In This Article Expand or collapse the "in this article" section Deadly Force

  • Introduction
  • General Overviews of Deadly Force
  • Deadly Force: Legal and Policy Considerations
  • Police Culture and Deadly Force
  • The Need for Data Collection on Police Deadly Force
  • Deadly Force Research Using Official Data
  • Deadly Force Research Using Agency Data
  • Deadly Force Research Using Open-Source Data and Other Data

Criminology Deadly Force
Philip M. Stinson
  • LAST MODIFIED: 24 November 2020
  • DOI: 10.1093/obo/9780195396607-0288


Deadly force refers to any use of force by a police officer that could result in the imposition of serious bodily injury or death. It includes homicides by police. Most homicides by police in the United States are found to be legally justified. A sworn law enforcement officer with general powers of arrest is legally justified in using deadly force if the officer has a reasonable apprehension of an imminent threat of serious bodily injury or death being imposed against the officer or someone else. The fleeing felon rule has been abrogated and police officers are no longer legally justified in using deadly force to stop a fleeing felon absent other exigencies that would constitute an imminent threat. Deadly force research has long been hampered by the lack of meaningful data on the incidence and prevalence of police use of deadly force. Government counts of fatal officer-involved shootings have grossly underestimated annual counts of deadly force incidents. Recent open-source databases, largely created and curated by media organizations, have found that between 900 and 1,000 persons are shot and killed by on-duty police officers each year in the United States. This bibliography mostly focuses on deadly force in the United States. There has been a renewed interest in deadly force research in the aftermath of numerous officer-involved shooting in recent years, with calls for police accountability, transparency, and legitimacy, particularly as various stakeholders have called attention to racial disparities in terms of who is victimized by police deadly force and claims of police bias manifested through police violence against minority citizens.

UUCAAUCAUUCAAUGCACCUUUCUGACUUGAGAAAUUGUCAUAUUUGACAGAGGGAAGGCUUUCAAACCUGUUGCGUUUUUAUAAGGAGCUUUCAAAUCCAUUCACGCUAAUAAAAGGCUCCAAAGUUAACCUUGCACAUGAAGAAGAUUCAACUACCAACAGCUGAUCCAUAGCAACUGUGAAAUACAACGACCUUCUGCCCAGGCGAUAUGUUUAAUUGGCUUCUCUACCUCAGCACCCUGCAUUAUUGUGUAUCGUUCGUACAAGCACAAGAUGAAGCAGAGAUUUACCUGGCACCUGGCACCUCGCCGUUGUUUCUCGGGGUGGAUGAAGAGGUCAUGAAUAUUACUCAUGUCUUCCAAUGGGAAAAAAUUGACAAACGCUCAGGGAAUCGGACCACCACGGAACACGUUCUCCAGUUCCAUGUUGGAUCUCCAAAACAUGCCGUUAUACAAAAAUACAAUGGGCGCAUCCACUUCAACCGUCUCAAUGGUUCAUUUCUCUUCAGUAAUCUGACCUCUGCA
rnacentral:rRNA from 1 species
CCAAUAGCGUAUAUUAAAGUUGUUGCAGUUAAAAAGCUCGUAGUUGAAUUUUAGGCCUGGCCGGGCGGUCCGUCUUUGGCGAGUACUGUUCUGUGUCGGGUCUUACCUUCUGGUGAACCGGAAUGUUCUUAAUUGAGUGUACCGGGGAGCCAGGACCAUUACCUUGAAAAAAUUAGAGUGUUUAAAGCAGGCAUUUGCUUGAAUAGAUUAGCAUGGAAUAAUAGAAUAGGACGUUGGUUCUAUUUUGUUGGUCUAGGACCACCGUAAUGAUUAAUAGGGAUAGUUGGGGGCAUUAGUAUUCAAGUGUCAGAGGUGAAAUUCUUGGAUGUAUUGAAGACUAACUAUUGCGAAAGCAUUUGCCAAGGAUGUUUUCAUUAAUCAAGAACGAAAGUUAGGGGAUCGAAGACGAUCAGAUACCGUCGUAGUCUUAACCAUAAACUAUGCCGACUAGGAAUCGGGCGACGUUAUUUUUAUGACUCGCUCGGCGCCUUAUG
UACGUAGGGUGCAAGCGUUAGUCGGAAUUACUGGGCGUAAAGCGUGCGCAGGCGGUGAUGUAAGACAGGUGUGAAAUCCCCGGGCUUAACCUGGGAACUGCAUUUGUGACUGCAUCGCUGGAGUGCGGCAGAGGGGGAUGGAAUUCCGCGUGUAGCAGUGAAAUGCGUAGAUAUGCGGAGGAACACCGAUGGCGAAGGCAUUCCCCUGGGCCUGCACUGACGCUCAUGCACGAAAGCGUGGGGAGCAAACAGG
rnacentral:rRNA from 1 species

General Overviews of Deadly Force

Most of the overviews of police deadly force are out-of-date to the extent that they predate the seminal US Supreme Court decisions in Tennessee v. Garner (cited under Deadly Force: Legal and Policy Considerations) and Graham v. Connor in the 1980s (see, e.g., Geller 1982). Historically, for much of the history of the United States, police officers were permitted great latitude in decisions to use deadly force. Up until the 1985 decision in Tennessee v. Garner, the common law and statutes in many states allowed police officers to use deadly force to stop fleeing felons even if the person fleeing was of no immediate threat to the officer or anyone else. Fyfe 1981 argued that the fleeing felon rule was obsolete and overly broad. Alpert and Fridell 1992 offers an excellent summary of the various forms of use of force policies and firearms training requirements at nonfederal law enforcement agencies across the United States, whereas Fyfe 1988 suggests that the frequency of officer-involved shootings is largely a product of specific organizational policies and practices within specific state and local law enforcement agencies. Chevigny 1995 offers a comparative historical and contemporary analysis of deadly force and other forms of police violence in several large cities in the United States, Latin America, and the Caribbean. Zimring 2017 is the most thorough treatment of the police deadly force phenomenon in American police.